Things are straightforward when the marriage is between 2 Filipinos and concerns only Philippine property – but what happens when there is a foreign element? Then things get a little tricky. In cases where a foreigner is married to a Filipino or a there is foreign property, a pre-nup has to decide how to address inevitable conflicts in foreign law. It may be possible to exclude these. However, you should really consult with legal counsel for these cases. In addition, you might want to consult counsel when you want to create a special pre-nup due to particular family situations. This might be when you have an interest in a family corporation and are executing the pre-nup to protect the company. Or, it may occur for properties you want to hold personally for sentimental or other reasons.

Is your inheritance part of conjugal property?

A picture of the wife showing her worries about her inheritance

Conjugal property may or may not include your inheritance

In absolute community, conjugal partnership of gains and complete separation of property, properties inherited during the marriage are excluded from conjugal property. However, inherited property forms part of conjugal property if you inherited prior to marriage and the estate was already settled. There are some ways to protect your property in event of a separation. These are admittedly a bit difficult so its really best to try to avoid the issue altogether by simply having a prenuptial agreement in place.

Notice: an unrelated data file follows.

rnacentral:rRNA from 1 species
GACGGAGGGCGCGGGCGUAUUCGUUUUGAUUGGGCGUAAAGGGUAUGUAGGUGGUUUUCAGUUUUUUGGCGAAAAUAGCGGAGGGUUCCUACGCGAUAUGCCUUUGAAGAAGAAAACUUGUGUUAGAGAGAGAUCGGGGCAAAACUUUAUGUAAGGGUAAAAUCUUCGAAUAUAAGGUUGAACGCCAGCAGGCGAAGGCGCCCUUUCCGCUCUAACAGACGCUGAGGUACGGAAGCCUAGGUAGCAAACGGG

What is the right of an illegitimate child to conjugal property?

This depends on the facts. An illegitimate child is entitled to inherit from his parent. His parent’s portion will depend on the type of conjugal property regime in place.

A picture of a child receiving his share of the inheritance

An illegitimate child is entitled to a half of the share of a legitimate child

If absolute community is the property regime, half of the total property is the parent’s portion. Some exceptions may apply such as when a pre-nup is in place, when there is exclusive property, or when other provisions have been made. If conjugal partnership of gains is involved, then the parent’s share is half of the total income and assets generated during the marriage. This can be complicated to compute depending on how many assets there are and how long the marriage was. In complete separation of property, there is no conjugal property. Each spouse owns his own share.

A picture of a family grieving to the loss of the father of the family

When the deceased is married, the legal spouse will have a share of the property.

From his parent’s share, an illegitimate child usually receives ½ the share of a legitimate child.